2017 - Fellow of the Royal Society of Canada Academy of Science
His primary areas of investigation include Genetics, Molecular biology, Cancer research, Eukaryotic translation and Cell biology. He has included themes like Messenger RNA, Gene and Candidate gene in his Molecular biology study. The concepts of his Cancer research study are interwoven with issues in Carcinogenesis, Tumor suppressor gene, Frasier syndrome, Wilms' tumor and Gonadal ridge.
His Wilms' tumor research focuses on subjects like Wilms Tumor Protein, which are linked to Zinc finger, Gene expression, Germline mutation and Kidney development. His research integrates issues of RNA, Five prime untranslated region, Target protein, EIF4E and Initiation factor in his study of Eukaryotic translation. His study in Cell biology is interdisciplinary in nature, drawing from both Cancer cell and Cell culture.
Jerry Pelletier mainly investigates Cell biology, Molecular biology, Cancer research, Eukaryotic translation and Genetics. His Cell biology research includes themes of Hippuristanol and Cell growth. His work in Molecular biology addresses issues such as Messenger RNA, which are connected to fields such as Ribosome.
The various areas that Jerry Pelletier examines in his Cancer research study include Carcinogenesis, Cancer, Tumor suppressor gene, Wilms' tumor and PI3K/AKT/mTOR pathway. His work investigates the relationship between Wilms' tumor and topics such as Denys–Drash syndrome that intersect with problems in Frasier syndrome. His Eukaryotic translation research is multidisciplinary, relying on both eIF4A, Computational biology, Eukaryotic initiation factor and Initiation factor.
His main research concerns Cell biology, eIF4A, RNA, Eukaryotic translation and Eukaryotic initiation factor. His Cell biology research incorporates themes from Messenger RNA, Hippuristanol and Cell growth. He has researched eIF4A in several fields, including EIF4A1, RNA Helicase A, DEAD box and Protein biosynthesis.
Many of his studies involve connections with topics such as Cancer research and Protein biosynthesis. His Eukaryotic translation study incorporates themes from Gene expression, Computational biology, Small molecule and Initiation factor. His Eukaryotic initiation factor study frequently draws parallels with other fields, such as EIF4E.
EIF4A, Protein biosynthesis, Eukaryotic translation, Cell biology and Translation are his primary areas of study. His biological study spans a wide range of topics, including EIF4E and Protein tyrosine phosphatase. Within one scientific family, Jerry Pelletier focuses on topics pertaining to Genetic heterogeneity under EIF4E, and may sometimes address concerns connected to Cancer research.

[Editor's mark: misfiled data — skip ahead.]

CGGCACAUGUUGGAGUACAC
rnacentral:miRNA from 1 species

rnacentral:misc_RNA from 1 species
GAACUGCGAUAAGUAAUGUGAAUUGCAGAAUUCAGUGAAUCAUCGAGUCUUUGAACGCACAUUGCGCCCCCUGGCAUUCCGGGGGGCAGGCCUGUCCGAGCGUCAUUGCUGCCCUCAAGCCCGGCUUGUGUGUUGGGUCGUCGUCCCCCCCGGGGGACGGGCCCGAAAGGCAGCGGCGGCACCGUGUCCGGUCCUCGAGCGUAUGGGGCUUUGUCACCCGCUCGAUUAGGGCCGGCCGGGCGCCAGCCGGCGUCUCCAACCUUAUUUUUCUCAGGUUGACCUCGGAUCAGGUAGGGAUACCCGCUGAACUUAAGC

The study incorporates disciplines such as RNA Helicase A, Gene expression and Computational biology in addition to Eukaryotic translation. The concepts of his Cell biology study are interwoven with issues in Messenger RNA, EIF4G, Eukaryotic initiation factor and Lipoprotein. Jerry Pelletier interconnects Cancer cell, Biological activity, Chemical synthesis and In vivo in the investigation of issues within Translation.
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WT-1 is required for early kidney development
Jordan A. Kreidberg;Hannu Sariola;Janet M. Loring;Masahiro Maeda.
Internal initiation of translation of eukaryotic mRNA directed by a sequence derived from poliovirus RNA
Jerry Pelletier;Nahum Sonenberg.
Isolation and characterization of a zinc finger polypeptide gene at the human chromosome 11 Wilms' tumor locus.
Katherine M. Call;Thomas M Glaser;Caryn Y. Ito;Alan J. Buckler.
Survival signalling by Akt and eIF4E in oncogenesis and cancer therapy.
Hans-Guido Wendel;Elisa de Stanchina;Jordan S. Fridman;Jordan S. Fridman;Abba Malina.
Short RNAs Repress Translation after Initiation in Mammalian Cells
Christian P. Petersen;Marie Eve Bordeleau;Jerry Pelletier;Phillip A. Sharp.
Molecular Cell (2006)
Germline mutations in the Wilms' tumor suppressor gene are associated with abnormal urogenital development in Denys-Drash syndrome.
Jerry Pelletier;Jerry Pelletier;Wendy Bruening;Clifford E. Kashtan;S. Michael Mauer.
The candidate Wilms' tumour gene is involved in genitourinary development
Kathryn Pritchard-Jones;Stewart Fleming;Duncan Davidson;Wendy Bickmore.
Insertion mutagenesis to increase secondary structure within the 5′ noncoding region of a eukaryotic mRNA reduces translational efficiency
Jerry Pelletier;Nahum Sonenberg.
Alternative splicing and genomic structure of the Wilms tumor gene WT1.
Daniel A. Haber;Robert L. Sohn;Alan J. Buckler;Jerry Pelletier.
Proceedings of the National Academy of Sciences of the United States of America (1991)
Statistical practice in high-throughput screening data analysis
Nathalie Malo;James A Hanley;Sonia Cerquozzi;Jerry Pelletier.
Nature Biotechnology (2006)
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